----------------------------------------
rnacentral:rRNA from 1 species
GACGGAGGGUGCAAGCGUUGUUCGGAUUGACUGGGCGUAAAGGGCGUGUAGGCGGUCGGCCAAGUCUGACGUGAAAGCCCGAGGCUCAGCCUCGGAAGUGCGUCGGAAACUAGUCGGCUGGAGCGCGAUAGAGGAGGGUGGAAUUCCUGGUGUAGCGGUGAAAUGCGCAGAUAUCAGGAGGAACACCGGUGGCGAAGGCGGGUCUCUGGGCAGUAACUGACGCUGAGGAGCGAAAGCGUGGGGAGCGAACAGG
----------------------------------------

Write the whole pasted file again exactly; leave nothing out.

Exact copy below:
rnacentral:rRNA from 1 species
GACGGAGGGUGCAAGCGUUGUUCGGAUUGACUGGGCGUAAAGGGCGUGUAGGCGGUCGGCCAAGUCUGACGUGAAAGCCCGAGGCUCAGCCUCGGAAGUGCGUCGGAAACUAGUCGGCUGGAGCGCGAUAGAGGAGGGUGGAAUUCCUGGUGUAGCGGUGAAAUGCGCAGAUAUCAGGAGGAACACCGGUGGCGAAGGCGGGUCUCUGGGCAGUAACUGACGCUGAGGAGCGAAAGCGUGGGGAGCGAACAGG